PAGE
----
It is a matter of great satisfaction that our sluggish justice delivery system has bestirred itself and through a process of daily hearings found 100 people guilty of the conspiracy for the Bombay blasts. Almost 90% of them were Muslims, they as well as the remainder, have all been served their just desserts.
Justice has not only been done, more importantly, at least as far as our 24X7 media is concerned, it also appears to have been done. Every one knew from day one, who those fellows were, now the courts are saying that as well. So once these two basic requirements of appearance and deed have been met the national conscience, so gravely disturbed over the last several decades, can heave a collective sigh of relief and all men of good faith can take a well deserved rest.
One question, however, continues to bother me. Continue reading One Question
It was rather an unusual type of protest on the streets of Malegaon. But hardly anyone outside the town could even know about it. Protesters donned same kind of hoods which police places on the heads of arrested criminals. They also wore black bands around their arms in a show of protest against official attempts to portray the victims as terrorists. But neither any of those ‘breaking news channels’ nor any of those citizen journos, deemed it necessary to at least report the incident.
The venue for the sit-ins were those very spots which had witnessed bomb blasts on 8 th September – namely Bara Kabristan and Hamidia mosque- where around forty innocent people breathed their last and hundreds of people got injured. (Ref : The Milli Gazette, 1-15 December 2006)
Of course, the unique sit-in was part of the ongoing protest campaign by the townspeople. In fact, the city observed a complete bandh on the 14 th November as part of its protest against the attitude of the police and authorities. It was a day when Chief Minister of Maharashtra Mr Vilasrao Deshmukh, came to visit the town to lay the foundation stone of a hospital. People very well knew that if the hospital would have come up as scheduled, many innocent lives could have been saved on that fateful day.
Continue reading Malegaon Bomb Blasts : Need for a Fresh Probe
[From Clifton from Alternative Law Forum, Bangalore]
Most of you are aware of the Sangh Parivar’s attempts to destroy the secular fabric in Karnataka by targeting the Baba-Datta shrine on Bababudangiri near Chikmagalur, a shrine that is an example of syncretic traditions in the state, attracting people of different faiths. You are also aware of the role of this present coalition government in supporting and promoting these activities of the Sangh Parivar. Now the government has given permission to the Sangh Parivar to conduct the Shobha Yatra and about 300 activists of the Karnataka Komu Souharda Vedike who reached Chikmagalur to protest this have been arrested today (02.12.2006).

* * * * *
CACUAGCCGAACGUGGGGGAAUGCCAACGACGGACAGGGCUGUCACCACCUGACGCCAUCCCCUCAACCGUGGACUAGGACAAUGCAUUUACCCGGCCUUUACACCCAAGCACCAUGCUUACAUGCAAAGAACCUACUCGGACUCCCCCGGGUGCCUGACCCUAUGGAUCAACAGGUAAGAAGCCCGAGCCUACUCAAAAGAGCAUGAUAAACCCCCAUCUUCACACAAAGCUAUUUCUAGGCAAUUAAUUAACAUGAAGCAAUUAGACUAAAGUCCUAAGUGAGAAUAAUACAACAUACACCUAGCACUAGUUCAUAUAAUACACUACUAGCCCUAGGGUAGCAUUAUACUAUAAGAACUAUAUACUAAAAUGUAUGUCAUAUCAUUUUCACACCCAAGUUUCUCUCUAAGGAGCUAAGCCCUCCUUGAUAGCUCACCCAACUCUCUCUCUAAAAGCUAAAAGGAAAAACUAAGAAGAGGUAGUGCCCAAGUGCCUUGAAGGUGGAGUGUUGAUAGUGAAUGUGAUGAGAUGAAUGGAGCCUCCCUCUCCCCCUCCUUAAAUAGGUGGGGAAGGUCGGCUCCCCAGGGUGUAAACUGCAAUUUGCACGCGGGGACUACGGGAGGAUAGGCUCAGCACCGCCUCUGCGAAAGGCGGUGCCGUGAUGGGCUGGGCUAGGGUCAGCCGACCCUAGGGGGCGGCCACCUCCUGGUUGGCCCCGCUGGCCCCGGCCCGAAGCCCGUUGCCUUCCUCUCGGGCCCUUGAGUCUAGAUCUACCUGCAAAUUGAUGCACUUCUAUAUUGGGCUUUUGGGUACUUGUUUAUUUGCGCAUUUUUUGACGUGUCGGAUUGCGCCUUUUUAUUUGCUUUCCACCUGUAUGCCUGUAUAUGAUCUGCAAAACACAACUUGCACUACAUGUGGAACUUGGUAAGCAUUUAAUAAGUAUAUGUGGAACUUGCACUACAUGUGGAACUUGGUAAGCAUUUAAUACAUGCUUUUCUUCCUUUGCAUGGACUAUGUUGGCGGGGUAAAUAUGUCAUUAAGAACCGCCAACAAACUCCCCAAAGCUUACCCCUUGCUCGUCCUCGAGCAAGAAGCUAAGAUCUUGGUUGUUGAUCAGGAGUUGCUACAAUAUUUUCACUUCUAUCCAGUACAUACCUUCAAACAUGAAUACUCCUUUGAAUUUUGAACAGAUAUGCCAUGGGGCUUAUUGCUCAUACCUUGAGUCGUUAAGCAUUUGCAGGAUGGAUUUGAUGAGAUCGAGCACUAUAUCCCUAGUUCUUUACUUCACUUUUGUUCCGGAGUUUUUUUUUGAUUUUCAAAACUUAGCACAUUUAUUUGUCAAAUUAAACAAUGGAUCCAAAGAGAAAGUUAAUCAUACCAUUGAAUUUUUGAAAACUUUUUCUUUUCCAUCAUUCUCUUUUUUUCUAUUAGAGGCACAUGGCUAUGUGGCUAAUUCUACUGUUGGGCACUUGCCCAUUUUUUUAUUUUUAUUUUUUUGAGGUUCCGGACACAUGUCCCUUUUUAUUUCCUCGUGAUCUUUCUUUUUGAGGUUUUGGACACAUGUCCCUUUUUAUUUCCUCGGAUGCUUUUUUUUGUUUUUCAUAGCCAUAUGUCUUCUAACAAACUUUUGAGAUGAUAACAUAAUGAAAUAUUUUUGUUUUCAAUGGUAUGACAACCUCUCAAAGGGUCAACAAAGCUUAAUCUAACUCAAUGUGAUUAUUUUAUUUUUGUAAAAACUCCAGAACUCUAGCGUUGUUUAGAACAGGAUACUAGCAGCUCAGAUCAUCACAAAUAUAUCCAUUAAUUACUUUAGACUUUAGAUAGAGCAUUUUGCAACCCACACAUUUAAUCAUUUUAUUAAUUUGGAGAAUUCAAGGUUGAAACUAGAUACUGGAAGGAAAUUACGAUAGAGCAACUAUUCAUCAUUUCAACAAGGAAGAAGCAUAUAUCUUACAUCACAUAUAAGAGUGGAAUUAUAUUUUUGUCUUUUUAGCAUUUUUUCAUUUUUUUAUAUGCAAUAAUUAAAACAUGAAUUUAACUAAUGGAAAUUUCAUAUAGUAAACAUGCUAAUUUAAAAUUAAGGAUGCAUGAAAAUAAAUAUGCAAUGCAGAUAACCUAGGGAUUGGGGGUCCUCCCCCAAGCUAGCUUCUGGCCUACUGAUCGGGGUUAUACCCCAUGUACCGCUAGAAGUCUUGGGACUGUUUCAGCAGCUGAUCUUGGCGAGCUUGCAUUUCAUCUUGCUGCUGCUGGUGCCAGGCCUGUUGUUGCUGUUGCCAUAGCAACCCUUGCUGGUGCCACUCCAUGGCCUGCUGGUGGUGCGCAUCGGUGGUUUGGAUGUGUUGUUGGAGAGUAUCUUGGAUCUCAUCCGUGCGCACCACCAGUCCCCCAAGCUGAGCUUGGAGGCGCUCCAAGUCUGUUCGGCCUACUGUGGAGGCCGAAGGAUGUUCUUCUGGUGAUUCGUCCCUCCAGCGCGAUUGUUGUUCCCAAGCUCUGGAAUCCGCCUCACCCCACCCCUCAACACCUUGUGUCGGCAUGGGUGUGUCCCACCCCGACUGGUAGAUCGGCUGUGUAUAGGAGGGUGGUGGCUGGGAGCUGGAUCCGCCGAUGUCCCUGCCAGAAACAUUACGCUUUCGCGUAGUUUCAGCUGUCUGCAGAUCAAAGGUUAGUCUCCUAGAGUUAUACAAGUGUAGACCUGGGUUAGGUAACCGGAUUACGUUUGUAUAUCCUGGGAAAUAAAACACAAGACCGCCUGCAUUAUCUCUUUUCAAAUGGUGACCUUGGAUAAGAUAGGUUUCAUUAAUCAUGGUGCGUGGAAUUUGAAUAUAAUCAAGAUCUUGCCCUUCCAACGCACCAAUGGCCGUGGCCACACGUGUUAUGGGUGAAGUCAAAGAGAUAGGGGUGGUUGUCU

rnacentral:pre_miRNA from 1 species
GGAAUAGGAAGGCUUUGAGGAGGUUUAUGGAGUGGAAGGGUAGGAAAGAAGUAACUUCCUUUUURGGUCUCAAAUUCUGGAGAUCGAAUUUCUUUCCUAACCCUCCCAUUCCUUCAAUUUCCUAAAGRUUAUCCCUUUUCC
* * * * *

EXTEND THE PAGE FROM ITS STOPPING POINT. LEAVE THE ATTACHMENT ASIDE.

Continue reading Action Alert – Communal harmony activists arrested in Karnataka
Narendra Modi, the architect of a pogrom in which the Vishwa Hindu Parishad mobs killed around two thousand Muslim Indians in 2002, onec made a controversial statement saying that Muslims reproduce so as to turn five of them into twenty five, thus increasing their population. This is conventional wisdom an old cliche of the Hindu right that tries to scare you into believeing that Muslims are going to outnumber Hindus by the time an Indian lands on the moon. Modi later claimed, with intellectual honesty typical of the Hindu right, that he was quoted out of context, that he was merely talking of population control, with no reference to any community in particular. What those of us outside Gujarat didn’t get to know is that he backed up his claim with a ‘massive’ population control programme. Continue reading Population control in Gujarat
The horrific massacre at Kherlanji and the protests that have followed have, once again, raised troubling questions on the impartiality of the Police force. The following is an article that i wrote for Frontline in the aftermath of the Aligarh riots in April 2006. The article finally didn’t make it – not because of a conspiracy of silence – but because another correspondent had already filed; but I think it might answer the “What were the police doing?” question that we often find ourselves asking.
“The mob is frenzied and frightening. But you can run from the mob. You can’t run away from a police bullet,” says Sarfaraz Khan, a resident of Aligarh. When he heard the mob coming, Khan’s son, Shadab pulled down the shop shutters and headed home, but never made it. As he scrambled up long slope that separates Muslim settlement at Tantan Para Farsh from the Hindu settlement at Kanvari Farsh, Shadab was cut down by a bullet that sliced through his neck with clinical precision. He was nineteen. By afternoon on the 6 April 2006, police firing in the riot hit town of Aligarh had claimed three more casualties: Naved was 16, Sarfaraz was 22, and Azam was 24 years old. Another 17 people were wounded. Continue reading Kherlanji, Aligarh and the Provincial Armed Constabulary